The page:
This is a comprehensive update and replacement of a February 2017 post titled "Reflections On The Past Decade".
The Market Can't Be Timed?
I've read a number of articles recently about the under-performance of market timing strategies including Tactical Asset Allocation (see Tactical Asset Allocation: How Does It Improve Returns?). Street "wisdom" is that one should simply buy and hold the the market with a heavy dose of equities supplemented with fixed income.
I'm going to delve into that issue in considerable detail in this blog post. Those who are successful market timers and dedicated shepherds in shifting asset allocations within their portfolio should skip this article. To all others, I say "not so fast" and I've got numbers to back that up.
Safety or Return?
Let's start with a question. "If forced to make a choice between the safety of your money and return on investment, which would you choose?" Most of us have a "recency" bias which creeps into our investment decision making depending upon where we are in the full market cycle. (see What Is A Full Market Cycle And Why Should I Care?). Given a few years of elapsed time from a Bear Market, we are more concerned about return on investment than protecting ourselves from the next bear. Fear is a far more immediate emotion so it takes just a few quarters in a Bear Market to forget about the bull and worry about safety. Your answer to the question is likely to be tempered by the time elapsed from the last Bear Market.
Consistency Is Critical To Investing Success!
It (almost) goes without saying that no one strategy (or investment manager) is going to consistently provide the best performance.
There are several keys to maintaining investment consistency:
- Set realistic expectations for returns. Understand where you are in the market cycle. Markets (equity, fixed income, and commodity) which are at or nearing selling exhaustion (end of a bear market) are likely to perform spectacularly well while markets which are at or nearing buying exhaustion (end of a bull market) are likely to perform inconsistently or poorly. Keep your eye on performance across the full market cycle.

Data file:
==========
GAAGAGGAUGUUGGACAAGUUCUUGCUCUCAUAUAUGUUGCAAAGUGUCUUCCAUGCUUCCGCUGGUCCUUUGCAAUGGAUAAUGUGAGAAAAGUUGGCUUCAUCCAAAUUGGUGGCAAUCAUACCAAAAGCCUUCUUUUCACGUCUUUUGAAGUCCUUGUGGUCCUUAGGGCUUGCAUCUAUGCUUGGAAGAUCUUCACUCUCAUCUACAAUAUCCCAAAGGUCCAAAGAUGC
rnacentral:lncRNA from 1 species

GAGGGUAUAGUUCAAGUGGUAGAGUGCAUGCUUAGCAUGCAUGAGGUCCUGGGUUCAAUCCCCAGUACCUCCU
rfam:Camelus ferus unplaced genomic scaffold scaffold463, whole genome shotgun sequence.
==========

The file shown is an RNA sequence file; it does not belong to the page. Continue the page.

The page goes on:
- Understand the strategy risks. One of the biggest failings in financial regulation is the absence of metrics designed to inform investors regarding historical drawdowns. Looking at 1, 3, 5, and 10 year average returns is not going to tell you how much the investment lost in the last major bear market. Yet every investor has a "get me out" point where losses exceed the "sleep well at night" point. Obtain this information before you invest and decide if the possible loss is within your zone of comfort. Making this decision when deep losses are already in progress is too late.
- Be prepared for good spells and bad spells. While it is possible to identify periods where a strategy is more likely to have good spells and bad spells (see What Is A Market Conditions Model And How Does It Lower Risk?) , it is simply not possible to identify all good spells and all bad spells in advance. What is critical, is consistently sticking with whatever strategy you have chosen. There is a great deal of research which proves that strategy switching by investors is the biggest mistake they make. Investors all too often give up on a strategy when it begins to under-perform only to jump into a strategy which has long been out-performing and is due for a slip.
We will compare performance across seven investment strategies (all of which include dividends) beginning with 2007; the year in which the last big bear market began:
- Buy and hold the S&P 500 aka "The Market"
- Buy and hold the Vanguard Balanced Index Fund (60% equities, 40% fixed income) widely considered to be a conservative core investment strategy
- Buy and hold the Best Active Managers(1)
- Enhanced Best Active Managers(1) using Tactical Asset Allocation
- TAAS Tactical Adaptive Global Strategy
- TAAS Tactical Adaptive Income Strategy
- TAAS Tactical Adaptive Innovation Strategy (data is limited)
(1) In a previous blog, "TAA versus Active Fund Management", the Best Active Managers strategy bought and held the funds managed by the top Active Manager in each of Morningstar's five categories. The TAA Enhanced Best Active Managers strategy used basic Tactical Asset Allocation to select the three top performing Best Active Manager funds each month or went to cash if all were performing negatively.
"my personal investment screening process begins with finding investments with acceptable drawdowns before ever looking at returns"
Each year is ranked visually from dark red to dark green. The S&P 500 captures 11 dark reds while TAA Enhanced Best Active Managers captures 2. Notably, the dark red percentages in TAA Enhanced Best Active Managers, Adaptive Global and Adaptive Income are relatively small.
The large drawdowns in the S&P 500 (2008-2011 and 2018) are all large enough to visually mask 10%+- losses in the Vanguard Balanced and both Best Active Managers strategies.